The 2020 NFL season featured some spectacular quarterback play with several signal callers putting up MVP-worthy numbers. Three players threw for at least 40 touchdowns passes and 10 quarterbacks finished with a passer rating north of 100.0. 

Here is a ranking of all the starting quarterbacks from best to worst, based on how they performed in the 2020 regular season. Only players that ended the year with the most starts for their team were eligible to make the list.

1) Aaron Rodgers, Green Bay Packers (4,299 Yards, 48 TD, 5 INT, 121.5 Rating)

Leading the NFL in passer rating, touchdowns and completion percentage, Rodgers had one of the all-time great seasons for a quarterback. No starter threw fewer interceptions than Rodgers, and he had a passer rating above 107.5 in 14 of 16 games.

Carrying the Packers to the NFC’s No. 1 seed, Rodgers is an easy choice for MVP.

2) Patrick Mahomes, Kansas City Chiefs (4,740 Yards, 38 TD, 6 INT, 108.2 Rating)

Mahomes is arguably still the best player in the league, and he had another exceptional season. Mahomes went 14-1 as a starter and led all quarterbacks with 316 passing yards per game. He has yet to have a markedly poor game since debuting in 2017.

3) Josh Allen, Buffalo Bills (4,544 Yards, 37 TD, 10 INT, 107.2 Rating)

Buffalo became a true Super Bowl contender mostly because of the leap Allen took in 2020. Formerly the NFL’s most inaccurate starter, Allen completed 69.2% of his passes and finished with 45 total touchdowns. The Bills finished second in total offense and second in the NFL with a 13-3 record.

4) Deshaun Watson, Houston Texans (4.823 Yards, 33 TD, 7 INT, 112.4 Rating)

Had he not been surrounded by one of the worst teams in football, Watson would’ve been an MVP candidate. Houston’s quarterback led the NFL in yards and yards per attempt. He finished second in passer rating and third in completion percentage after the Texans traded away one of the league’s top receivers.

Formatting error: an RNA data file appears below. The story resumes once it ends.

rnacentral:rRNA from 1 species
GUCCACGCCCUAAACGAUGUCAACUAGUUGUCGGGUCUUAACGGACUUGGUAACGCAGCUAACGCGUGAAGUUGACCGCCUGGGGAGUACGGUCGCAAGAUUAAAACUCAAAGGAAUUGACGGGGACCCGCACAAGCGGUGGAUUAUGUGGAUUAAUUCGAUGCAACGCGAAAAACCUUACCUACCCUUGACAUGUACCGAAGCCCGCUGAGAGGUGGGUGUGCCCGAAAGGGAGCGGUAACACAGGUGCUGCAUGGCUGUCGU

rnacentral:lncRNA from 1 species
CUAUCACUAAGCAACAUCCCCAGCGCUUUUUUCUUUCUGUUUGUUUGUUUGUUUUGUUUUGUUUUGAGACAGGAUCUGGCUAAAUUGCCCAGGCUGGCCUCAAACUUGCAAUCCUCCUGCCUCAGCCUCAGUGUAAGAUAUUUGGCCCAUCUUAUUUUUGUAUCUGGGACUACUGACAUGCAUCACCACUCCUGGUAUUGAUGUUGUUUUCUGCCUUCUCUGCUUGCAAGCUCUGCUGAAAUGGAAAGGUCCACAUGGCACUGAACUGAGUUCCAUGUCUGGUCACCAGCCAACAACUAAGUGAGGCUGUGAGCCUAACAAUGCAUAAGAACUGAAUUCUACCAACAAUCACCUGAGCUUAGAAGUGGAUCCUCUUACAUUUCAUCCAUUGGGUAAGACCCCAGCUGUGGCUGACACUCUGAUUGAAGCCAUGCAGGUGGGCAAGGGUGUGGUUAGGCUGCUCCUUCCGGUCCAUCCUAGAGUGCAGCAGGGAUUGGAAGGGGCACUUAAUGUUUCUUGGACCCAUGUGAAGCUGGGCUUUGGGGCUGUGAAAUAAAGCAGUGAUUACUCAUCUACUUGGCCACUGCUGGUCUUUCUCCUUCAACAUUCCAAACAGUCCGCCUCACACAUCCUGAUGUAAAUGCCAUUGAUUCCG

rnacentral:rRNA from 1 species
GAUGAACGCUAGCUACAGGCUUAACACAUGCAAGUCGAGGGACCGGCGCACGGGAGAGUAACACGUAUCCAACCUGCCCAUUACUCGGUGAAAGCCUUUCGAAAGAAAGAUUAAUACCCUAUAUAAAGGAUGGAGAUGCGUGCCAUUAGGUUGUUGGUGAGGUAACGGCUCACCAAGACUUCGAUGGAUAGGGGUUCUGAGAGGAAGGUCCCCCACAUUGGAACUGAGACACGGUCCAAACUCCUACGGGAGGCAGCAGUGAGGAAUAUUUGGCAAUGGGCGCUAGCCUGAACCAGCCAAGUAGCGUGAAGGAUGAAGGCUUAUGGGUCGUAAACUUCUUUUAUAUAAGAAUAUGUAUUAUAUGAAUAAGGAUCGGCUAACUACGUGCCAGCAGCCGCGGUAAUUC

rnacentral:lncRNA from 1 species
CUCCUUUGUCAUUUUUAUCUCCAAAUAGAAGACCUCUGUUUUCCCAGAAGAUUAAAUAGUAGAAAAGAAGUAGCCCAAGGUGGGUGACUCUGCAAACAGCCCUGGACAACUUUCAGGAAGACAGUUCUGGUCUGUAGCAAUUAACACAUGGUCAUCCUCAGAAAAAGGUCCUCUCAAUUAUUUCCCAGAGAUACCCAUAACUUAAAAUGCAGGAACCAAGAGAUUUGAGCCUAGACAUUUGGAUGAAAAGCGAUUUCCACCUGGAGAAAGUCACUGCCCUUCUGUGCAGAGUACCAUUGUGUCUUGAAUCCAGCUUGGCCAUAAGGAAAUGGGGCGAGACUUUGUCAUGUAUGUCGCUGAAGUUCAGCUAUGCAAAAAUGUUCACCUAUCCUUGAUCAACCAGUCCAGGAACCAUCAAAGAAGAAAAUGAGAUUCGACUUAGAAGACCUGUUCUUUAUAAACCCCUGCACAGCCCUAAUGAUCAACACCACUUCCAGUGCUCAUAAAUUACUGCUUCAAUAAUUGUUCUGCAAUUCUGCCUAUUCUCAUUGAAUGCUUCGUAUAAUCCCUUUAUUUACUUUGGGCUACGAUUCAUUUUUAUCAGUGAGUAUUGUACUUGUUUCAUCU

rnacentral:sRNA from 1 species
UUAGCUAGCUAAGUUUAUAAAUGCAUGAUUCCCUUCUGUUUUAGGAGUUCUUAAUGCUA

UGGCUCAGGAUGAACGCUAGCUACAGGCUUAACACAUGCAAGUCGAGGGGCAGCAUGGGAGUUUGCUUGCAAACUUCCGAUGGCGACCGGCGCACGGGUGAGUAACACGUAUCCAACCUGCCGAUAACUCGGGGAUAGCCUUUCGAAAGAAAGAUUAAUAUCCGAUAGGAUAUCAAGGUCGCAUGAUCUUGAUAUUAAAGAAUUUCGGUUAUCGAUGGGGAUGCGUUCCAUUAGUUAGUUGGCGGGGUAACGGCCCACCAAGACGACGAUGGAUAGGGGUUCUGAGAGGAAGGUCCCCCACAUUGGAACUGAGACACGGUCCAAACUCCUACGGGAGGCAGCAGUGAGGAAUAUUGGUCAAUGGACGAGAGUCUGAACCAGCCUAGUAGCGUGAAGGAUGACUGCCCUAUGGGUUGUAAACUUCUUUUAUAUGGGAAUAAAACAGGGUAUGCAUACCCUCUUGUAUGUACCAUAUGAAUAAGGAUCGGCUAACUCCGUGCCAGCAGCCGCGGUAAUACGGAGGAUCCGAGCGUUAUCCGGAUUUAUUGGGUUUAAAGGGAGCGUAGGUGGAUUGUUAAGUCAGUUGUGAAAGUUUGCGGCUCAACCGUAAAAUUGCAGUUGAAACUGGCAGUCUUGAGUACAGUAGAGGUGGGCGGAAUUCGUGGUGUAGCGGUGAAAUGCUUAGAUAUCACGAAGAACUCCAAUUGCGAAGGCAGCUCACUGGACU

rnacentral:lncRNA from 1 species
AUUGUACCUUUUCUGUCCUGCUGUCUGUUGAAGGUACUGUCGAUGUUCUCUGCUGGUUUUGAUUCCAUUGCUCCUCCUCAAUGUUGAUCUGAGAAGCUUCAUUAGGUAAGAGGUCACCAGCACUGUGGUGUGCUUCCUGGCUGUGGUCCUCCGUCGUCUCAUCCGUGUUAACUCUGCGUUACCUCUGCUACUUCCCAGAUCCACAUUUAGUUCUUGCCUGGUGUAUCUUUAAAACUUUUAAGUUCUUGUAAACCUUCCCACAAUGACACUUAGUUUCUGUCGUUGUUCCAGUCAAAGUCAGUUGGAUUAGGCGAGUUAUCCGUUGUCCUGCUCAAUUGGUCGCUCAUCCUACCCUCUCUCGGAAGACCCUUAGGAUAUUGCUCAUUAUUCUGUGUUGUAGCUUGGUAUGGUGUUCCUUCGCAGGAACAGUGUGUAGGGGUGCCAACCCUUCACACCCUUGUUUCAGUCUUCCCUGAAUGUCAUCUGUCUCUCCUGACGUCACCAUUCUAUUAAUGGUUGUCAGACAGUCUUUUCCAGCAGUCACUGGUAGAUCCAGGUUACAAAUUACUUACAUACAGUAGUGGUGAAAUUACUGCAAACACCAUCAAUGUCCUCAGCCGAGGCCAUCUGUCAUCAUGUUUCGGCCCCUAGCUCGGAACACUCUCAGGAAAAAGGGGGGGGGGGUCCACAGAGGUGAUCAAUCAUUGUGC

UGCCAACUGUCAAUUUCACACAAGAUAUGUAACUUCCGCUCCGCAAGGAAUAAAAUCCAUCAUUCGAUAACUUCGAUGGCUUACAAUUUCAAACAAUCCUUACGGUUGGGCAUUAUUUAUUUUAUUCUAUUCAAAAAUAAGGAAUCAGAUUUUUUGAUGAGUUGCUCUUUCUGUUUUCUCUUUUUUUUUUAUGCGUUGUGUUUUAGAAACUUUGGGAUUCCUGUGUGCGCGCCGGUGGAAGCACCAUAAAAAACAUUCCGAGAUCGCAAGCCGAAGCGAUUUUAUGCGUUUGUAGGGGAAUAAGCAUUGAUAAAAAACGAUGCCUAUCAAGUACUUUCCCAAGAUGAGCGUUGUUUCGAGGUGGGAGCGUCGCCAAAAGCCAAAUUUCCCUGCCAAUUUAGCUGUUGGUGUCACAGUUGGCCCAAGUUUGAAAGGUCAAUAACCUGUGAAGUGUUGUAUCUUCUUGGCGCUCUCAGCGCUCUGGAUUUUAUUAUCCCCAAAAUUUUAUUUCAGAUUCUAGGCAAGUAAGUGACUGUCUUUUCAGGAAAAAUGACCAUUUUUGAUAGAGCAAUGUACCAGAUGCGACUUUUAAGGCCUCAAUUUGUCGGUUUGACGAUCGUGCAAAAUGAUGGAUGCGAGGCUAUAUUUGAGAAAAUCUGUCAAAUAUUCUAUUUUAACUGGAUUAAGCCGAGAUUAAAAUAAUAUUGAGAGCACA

5) Russell Wilson, Seattle Seahawks (4,212 Yards, 40 TD, 13 INT, 105.1 Rating)

Wilson was the MVP frontrunner for the first two months of the season, but his candidacy ended when he committed 10 turnovers in a four-game stretch. The veteran had a historic start to the season with 26 passing touchdowns through the first seven games, leading the Seahawks to wins while Seattle’s defense couldn’t stop anybody.

6) Ryan Tannehill, Tennessee Titans (3,819 Yards, 33 TD, 7 INT, 106.5 Rating) 

Derrick Henry gets most of the headlines, but Tannehill is more responsible than anyone for the Titans finishing third in total offense. The quarterback proved that his 2019 Pro Bowl campaign was no fluke. Tannehill finished fifth in passer rating, sixth yards per attempt and tied for seventh in touchdowns.

7) Tom Brady, Tampa Bay Buccaneers (4,633 Yards, 40 TD, 12 INT, 102.2 Rating)

There were certainly times when Brady looked his age, but the greatest of all time is still among the NFL’s best signal callers. The 43-year-old ranked second in touchdowns and third in yards. Brady helped Tampa Bay end a 13-year playoff drought.

8) Kirk Cousins, Minnesota Vikings (4,265 Yards, 35 TD, 13 INT, 105.0 Rating)

Minnesota’s offense was not the problem in its 7-9 season. Cousins ranked in the top-eight in yards, yards per attempt, touchdowns and passer rating. A top-10 quarterback year after year, Cousins is a model of consistency.

9) Lamar Jackson, Baltimore Ravens (2,757 Yards, 26 TD, 9 INT, 99.3 Rating)

Expecting Jackson to repeat his 2019 MVP season would’ve been unrealistic. The quarterback had his struggles throwing the ball in the middle of the season, though he didn’t get much help from his receiving corps. Jackson finished the year strong with 33 total touchdowns, 1,005 rushing yards and five straight wins.

10) Derek Carr, Las Vegas Raiders (4,103 Yards, 27 TD, 9 INT, 101.4 Rating)

Carr wasn’t quite good enough to lead Las Vegas to the playoffs, but avoiding a losing season with the Raiders has to be considered an accomplishment. He was one of only six quarterbacks to post a triple-digit passer rating and fewer than 10 interceptions.